John 10:10 The thief comes only to steal and kill and destroy. I came that they may have life and have it abundantly. I am the good shepherd. The good shepherd lays down his life for the sheep.
To be sure, there are many churches reaching out to the hurting in their congregation. My home church has a wonderful soul care ministry that dedicates a majority of it’s time to helping hurting people find the peace that only Jesus can bring. There are many excellent professionals ministering in the area of depression and mental health. Pastors are addressing these subjects during sermon applications and many believers are aware of the hurting around them. God has blessed us with wonderful counselors, physicians, and medicines to help along the way. So what can you and I do as believers in to reach out to those hurting around us in our churches, marketplace, and beyond?
A biblical approach is always the best approach. Jesus has always been the model of how we engage the hurting in our world. The Lord was the perfect example of ministry to the hurting. Can you picture His tender eyes when the Bible says: He was moved to compassion. He wept. Come unto me. This is the heart of our savior. He met the broken right where they are. That is street level love that can’t be sentimentally captured or expressed. He showed this in a real tangible way. As believers we need to be sensitive to the needs around us. Awareness and sensitivity are important elements of the compassion we share with those hurting around us. These people need to know that they don’t face this alone. We have an opportunity to be available, show love, and be there with the encouraging counsel of the word of God. Hurting people are sitting next to us in our small groups, youth groups, Sunday school class, ladies Bible study, men’s retreats, and the church Christmas concert. Some have known the savior for decades, some new believers, and there are some who don’t know the Lord yet.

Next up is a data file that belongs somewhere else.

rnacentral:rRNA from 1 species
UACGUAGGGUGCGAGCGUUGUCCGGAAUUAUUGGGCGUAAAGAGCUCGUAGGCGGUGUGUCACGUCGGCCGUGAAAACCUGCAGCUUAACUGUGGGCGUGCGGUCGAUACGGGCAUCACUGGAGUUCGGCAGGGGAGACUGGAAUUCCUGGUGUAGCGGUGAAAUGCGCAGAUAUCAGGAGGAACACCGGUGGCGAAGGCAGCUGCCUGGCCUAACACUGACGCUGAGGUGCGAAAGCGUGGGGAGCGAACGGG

We have the opportunity to get to know people, ask questions, and share life outside of the Sunday service. How do we help and what is the formula? There is no script because these are real issues and people. So we must engage with humility and authenticity. We need to be ready to pray with them and offer wise biblical counsel. If that means being available by phone at 12:30 am, then that’s what it takes. If it means holding a sister’s hand while she tells you about her pain for the 5th time, praise God for the opportunity. Always men with men and women with women, we need to be there showing the compassion that Christ showed to us. Authentic Christianity is key here. We need to be ready, prayed up, walking in His spirit, and ready to share the truths of the Bible, because there and there alone is where we find the hope that’s worth living for.
Matthew 11:28 Come to me, all who labor and are heavy laden, and I will give you rest. Take my yoke upon you, and learn from me, for I am gentle and lowly in heart, and you will find rest for your souls. For my yoke is easy, and my burden is light.”
You may be asking, Howard….isn’t this is a website dedicated to end time commentary and biblical Christian living in the last days…. so how does this all tie in? It ties in because this world seems to be moving at a faster pace and even with all the great technology, our days are more stressful then ever. In years past, we were connected with family and community. Now loved ones and close friends are scattered about everywhere. We are bombarded with every evil on the face of the earth now via the internet, television, or phone. People are more uncertain about the economy than ever before. They look around and despite all of our technological advances, this world is just as violent as it’s ever been with the looming shadows of wars, terrorism, and unrest. So whether their hopelessness is based on a personal struggle deep inside or it’s a hopelessness because of the fears of what is going on in this darkening world, there is hope, peace, and joy through Jesus. The picture for this article is the garden tomb in Jerusalem. Jesus paid the price so that we might have peace.
Isaiah 53:5 But he was pierced for our transgressions; he was crushed for our iniquities; upon him was the chastisement that brought us peace,and with his wounds we are healed.
All for Him,